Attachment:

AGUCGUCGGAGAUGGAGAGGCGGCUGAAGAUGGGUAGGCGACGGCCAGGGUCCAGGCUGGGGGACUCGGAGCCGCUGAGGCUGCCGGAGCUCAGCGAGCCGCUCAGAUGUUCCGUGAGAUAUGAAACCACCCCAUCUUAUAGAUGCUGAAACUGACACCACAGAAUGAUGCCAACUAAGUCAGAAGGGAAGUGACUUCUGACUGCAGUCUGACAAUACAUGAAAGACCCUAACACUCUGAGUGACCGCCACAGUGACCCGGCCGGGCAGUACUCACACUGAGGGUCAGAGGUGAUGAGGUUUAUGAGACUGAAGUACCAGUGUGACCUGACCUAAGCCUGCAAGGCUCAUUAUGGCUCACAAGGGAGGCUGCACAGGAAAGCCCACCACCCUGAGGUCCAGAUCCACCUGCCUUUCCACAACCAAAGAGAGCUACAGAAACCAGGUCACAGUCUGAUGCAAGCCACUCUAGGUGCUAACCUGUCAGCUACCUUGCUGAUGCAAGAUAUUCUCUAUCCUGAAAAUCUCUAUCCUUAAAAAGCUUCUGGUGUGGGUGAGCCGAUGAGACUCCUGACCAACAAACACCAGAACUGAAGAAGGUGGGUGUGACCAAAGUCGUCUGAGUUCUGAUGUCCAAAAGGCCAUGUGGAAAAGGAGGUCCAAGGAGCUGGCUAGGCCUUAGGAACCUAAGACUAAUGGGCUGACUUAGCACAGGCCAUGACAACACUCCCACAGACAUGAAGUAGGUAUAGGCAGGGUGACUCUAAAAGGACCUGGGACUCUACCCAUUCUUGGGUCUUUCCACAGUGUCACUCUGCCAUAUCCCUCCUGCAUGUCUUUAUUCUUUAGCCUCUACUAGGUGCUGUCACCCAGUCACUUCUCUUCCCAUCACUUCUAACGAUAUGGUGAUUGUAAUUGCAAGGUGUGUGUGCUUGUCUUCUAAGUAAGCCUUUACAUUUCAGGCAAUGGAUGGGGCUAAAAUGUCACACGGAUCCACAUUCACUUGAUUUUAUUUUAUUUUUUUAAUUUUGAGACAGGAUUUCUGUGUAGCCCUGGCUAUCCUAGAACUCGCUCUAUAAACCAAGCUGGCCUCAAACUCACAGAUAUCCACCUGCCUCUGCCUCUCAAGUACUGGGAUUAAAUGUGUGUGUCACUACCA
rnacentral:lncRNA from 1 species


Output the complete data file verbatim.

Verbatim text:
AGUCGUCGGAGAUGGAGAGGCGGCUGAAGAUGGGUAGGCGACGGCCAGGGUCCAGGCUGGGGGACUCGGAGCCGCUGAGGCUGCCGGAGCUCAGCGAGCCGCUCAGAUGUUCCGUGAGAUAUGAAACCACCCCAUCUUAUAGAUGCUGAAACUGACACCACAGAAUGAUGCCAACUAAGUCAGAAGGGAAGUGACUUCUGACUGCAGUCUGACAAUACAUGAAAGACCCUAACACUCUGAGUGACCGCCACAGUGACCCGGCCGGGCAGUACUCACACUGAGGGUCAGAGGUGAUGAGGUUUAUGAGACUGAAGUACCAGUGUGACCUGACCUAAGCCUGCAAGGCUCAUUAUGGCUCACAAGGGAGGCUGCACAGGAAAGCCCACCACCCUGAGGUCCAGAUCCACCUGCCUUUCCACAACCAAAGAGAGCUACAGAAACCAGGUCACAGUCUGAUGCAAGCCACUCUAGGUGCUAACCUGUCAGCUACCUUGCUGAUGCAAGAUAUUCUCUAUCCUGAAAAUCUCUAUCCUUAAAAAGCUUCUGGUGUGGGUGAGCCGAUGAGACUCCUGACCAACAAACACCAGAACUGAAGAAGGUGGGUGUGACCAAAGUCGUCUGAGUUCUGAUGUCCAAAAGGCCAUGUGGAAAAGGAGGUCCAAGGAGCUGGCUAGGCCUUAGGAACCUAAGACUAAUGGGCUGACUUAGCACAGGCCAUGACAACACUCCCACAGACAUGAAGUAGGUAUAGGCAGGGUGACUCUAAAAGGACCUGGGACUCUACCCAUUCUUGGGUCUUUCCACAGUGUCACUCUGCCAUAUCCCUCCUGCAUGUCUUUAUUCUUUAGCCUCUACUAGGUGCUGUCACCCAGUCACUUCUCUUCCCAUCACUUCUAACGAUAUGGUGAUUGUAAUUGCAAGGUGUGUGUGCUUGUCUUCUAAGUAAGCCUUUACAUUUCAGGCAAUGGAUGGGGCUAAAAUGUCACACGGAUCCACAUUCACUUGAUUUUAUUUUAUUUUUUUAAUUUUGAGACAGGAUUUCUGUGUAGCCCUGGCUAUCCUAGAACUCGCUCUAUAAACCAAGCUGGCCUCAAACUCACAGAUAUCCACCUGCCUCUGCCUCUCAAGUACUGGGAUUAAAUGUGUGUGUCACUACCA
rnacentral:lncRNA from 1 species